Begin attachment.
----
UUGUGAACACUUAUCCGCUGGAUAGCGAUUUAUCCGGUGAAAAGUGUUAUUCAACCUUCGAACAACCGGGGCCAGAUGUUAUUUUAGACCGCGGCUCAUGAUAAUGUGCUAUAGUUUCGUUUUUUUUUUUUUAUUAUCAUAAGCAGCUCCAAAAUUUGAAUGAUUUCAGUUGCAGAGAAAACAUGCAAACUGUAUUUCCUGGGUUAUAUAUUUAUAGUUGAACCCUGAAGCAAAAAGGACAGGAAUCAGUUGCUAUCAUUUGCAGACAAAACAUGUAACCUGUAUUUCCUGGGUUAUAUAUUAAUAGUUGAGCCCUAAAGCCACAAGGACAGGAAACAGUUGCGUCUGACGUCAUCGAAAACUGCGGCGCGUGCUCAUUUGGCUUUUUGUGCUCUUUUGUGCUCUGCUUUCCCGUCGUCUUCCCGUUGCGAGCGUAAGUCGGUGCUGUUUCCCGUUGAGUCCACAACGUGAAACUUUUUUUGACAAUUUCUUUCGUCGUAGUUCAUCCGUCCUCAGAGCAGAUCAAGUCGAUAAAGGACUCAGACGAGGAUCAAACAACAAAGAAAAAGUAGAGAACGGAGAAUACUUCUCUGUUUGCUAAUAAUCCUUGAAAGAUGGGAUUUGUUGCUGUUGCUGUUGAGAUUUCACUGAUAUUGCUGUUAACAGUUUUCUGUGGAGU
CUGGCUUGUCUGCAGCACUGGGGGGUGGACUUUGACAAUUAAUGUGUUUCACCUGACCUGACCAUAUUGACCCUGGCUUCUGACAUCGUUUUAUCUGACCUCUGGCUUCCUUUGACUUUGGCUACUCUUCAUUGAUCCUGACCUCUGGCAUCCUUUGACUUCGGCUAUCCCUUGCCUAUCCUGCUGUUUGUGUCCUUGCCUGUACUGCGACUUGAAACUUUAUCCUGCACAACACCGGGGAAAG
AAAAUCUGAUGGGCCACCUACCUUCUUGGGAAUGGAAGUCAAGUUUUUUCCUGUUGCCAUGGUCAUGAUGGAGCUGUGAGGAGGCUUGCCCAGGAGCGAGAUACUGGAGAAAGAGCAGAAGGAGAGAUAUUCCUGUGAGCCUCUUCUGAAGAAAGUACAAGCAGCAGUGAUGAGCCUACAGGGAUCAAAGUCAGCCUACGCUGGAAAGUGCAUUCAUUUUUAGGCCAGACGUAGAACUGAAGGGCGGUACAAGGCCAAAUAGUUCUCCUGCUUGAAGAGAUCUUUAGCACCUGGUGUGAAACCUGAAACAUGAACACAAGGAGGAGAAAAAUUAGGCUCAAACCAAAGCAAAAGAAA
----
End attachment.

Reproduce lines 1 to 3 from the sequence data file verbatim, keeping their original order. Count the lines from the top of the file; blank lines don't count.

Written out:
UUGUGAACACUUAUCCGCUGGAUAGCGAUUUAUCCGGUGAAAAGUGUUAUUCAACCUUCGAACAACCGGGGCCAGAUGUUAUUUUAGACCGCGGCUCAUGAUAAUGUGCUAUAGUUUCGUUUUUUUUUUUUUAUUAUCAUAAGCAGCUCCAAAAUUUGAAUGAUUUCAGUUGCAGAGAAAACAUGCAAACUGUAUUUCCUGGGUUAUAUAUUUAUAGUUGAACCCUGAAGCAAAAAGGACAGGAAUCAGUUGCUAUCAUUUGCAGACAAAACAUGUAACCUGUAUUUCCUGGGUUAUAUAUUAAUAGUUGAGCCCUAAAGCCACAAGGACAGGAAACAGUUGCGUCUGACGUCAUCGAAAACUGCGGCGCGUGCUCAUUUGGCUUUUUGUGCUCUUUUGUGCUCUGCUUUCCCGUCGUCUUCCCGUUGCGAGCGUAAGUCGGUGCUGUUUCCCGUUGAGUCCACAACGUGAAACUUUUUUUGACAAUUUCUUUCGUCGUAGUUCAUCCGUCCUCAGAGCAGAUCAAGUCGAUAAAGGACUCAGACGAGGAUCAAACAACAAAGAAAAAGUAGAGAACGGAGAAUACUUCUCUGUUUGCUAAUAAUCCUUGAAAGAUGGGAUUUGUUGCUGUUGCUGUUGAGAUUUCACUGAUAUUGCUGUUAACAGUUUUCUGUGGAGU
CUGGCUUGUCUGCAGCACUGGGGGGUGGACUUUGACAAUUAAUGUGUUUCACCUGACCUGACCAUAUUGACCCUGGCUUCUGACAUCGUUUUAUCUGACCUCUGGCUUCCUUUGACUUUGGCUACUCUUCAUUGAUCCUGACCUCUGGCAUCCUUUGACUUCGGCUAUCCCUUGCCUAUCCUGCUGUUUGUGUCCUUGCCUGUACUGCGACUUGAAACUUUAUCCUGCACAACACCGGGGAAAG
AAAAUCUGAUGGGCCACCUACCUUCUUGGGAAUGGAAGUCAAGUUUUUUCCUGUUGCCAUGGUCAUGAUGGAGCUGUGAGGAGGCUUGCCCAGGAGCGAGAUACUGGAGAAAGAGCAGAAGGAGAGAUAUUCCUGUGAGCCUCUUCUGAAGAAAGUACAAGCAGCAGUGAUGAGCCUACAGGGAUCAAAGUCAGCCUACGCUGGAAAGUGCAUUCAUUUUUAGGCCAGACGUAGAACUGAAGGGCGGUACAAGGCCAAAUAGUUCUCCUGCUUGAAGAGAUCUUUAGCACCUGGUGUGAAACCUGAAACAUGAACACAAGGAGGAGAAAAAUUAGGCUCAAACCAAAGCAAAAGAAA